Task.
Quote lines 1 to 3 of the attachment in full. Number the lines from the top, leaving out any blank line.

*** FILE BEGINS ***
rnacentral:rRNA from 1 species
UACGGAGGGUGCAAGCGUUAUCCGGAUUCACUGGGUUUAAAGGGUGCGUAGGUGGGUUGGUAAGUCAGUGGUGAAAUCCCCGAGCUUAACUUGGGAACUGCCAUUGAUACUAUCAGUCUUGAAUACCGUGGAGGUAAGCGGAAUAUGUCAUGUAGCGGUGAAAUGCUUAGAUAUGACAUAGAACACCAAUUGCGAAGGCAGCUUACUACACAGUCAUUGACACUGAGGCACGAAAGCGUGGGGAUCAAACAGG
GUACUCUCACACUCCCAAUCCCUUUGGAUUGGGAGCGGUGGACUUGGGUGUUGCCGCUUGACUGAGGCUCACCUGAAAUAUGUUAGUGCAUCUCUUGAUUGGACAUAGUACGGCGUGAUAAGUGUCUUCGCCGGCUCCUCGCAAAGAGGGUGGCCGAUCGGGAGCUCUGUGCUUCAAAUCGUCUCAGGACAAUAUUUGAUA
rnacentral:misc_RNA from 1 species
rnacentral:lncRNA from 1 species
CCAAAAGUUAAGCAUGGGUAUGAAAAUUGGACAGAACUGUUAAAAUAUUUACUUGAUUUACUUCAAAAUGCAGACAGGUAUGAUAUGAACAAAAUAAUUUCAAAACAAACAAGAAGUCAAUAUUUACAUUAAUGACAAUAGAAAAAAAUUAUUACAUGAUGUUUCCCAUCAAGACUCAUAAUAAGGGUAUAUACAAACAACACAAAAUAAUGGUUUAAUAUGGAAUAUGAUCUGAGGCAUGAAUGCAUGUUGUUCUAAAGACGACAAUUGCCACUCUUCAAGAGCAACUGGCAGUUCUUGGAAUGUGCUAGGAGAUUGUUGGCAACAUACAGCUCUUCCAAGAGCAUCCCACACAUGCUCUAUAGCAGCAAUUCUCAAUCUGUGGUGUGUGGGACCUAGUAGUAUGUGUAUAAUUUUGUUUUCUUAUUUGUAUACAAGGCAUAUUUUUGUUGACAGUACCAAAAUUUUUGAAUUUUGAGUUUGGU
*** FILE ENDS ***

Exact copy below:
rnacentral:rRNA from 1 species
UACGGAGGGUGCAAGCGUUAUCCGGAUUCACUGGGUUUAAAGGGUGCGUAGGUGGGUUGGUAAGUCAGUGGUGAAAUCCCCGAGCUUAACUUGGGAACUGCCAUUGAUACUAUCAGUCUUGAAUACCGUGGAGGUAAGCGGAAUAUGUCAUGUAGCGGUGAAAUGCUUAGAUAUGACAUAGAACACCAAUUGCGAAGGCAGCUUACUACACAGUCAUUGACACUGAGGCACGAAAGCGUGGGGAUCAAACAGG
GUACUCUCACACUCCCAAUCCCUUUGGAUUGGGAGCGGUGGACUUGGGUGUUGCCGCUUGACUGAGGCUCACCUGAAAUAUGUUAGUGCAUCUCUUGAUUGGACAUAGUACGGCGUGAUAAGUGUCUUCGCCGGCUCCUCGCAAAGAGGGUGGCCGAUCGGGAGCUCUGUGCUUCAAAUCGUCUCAGGACAAUAUUUGAUA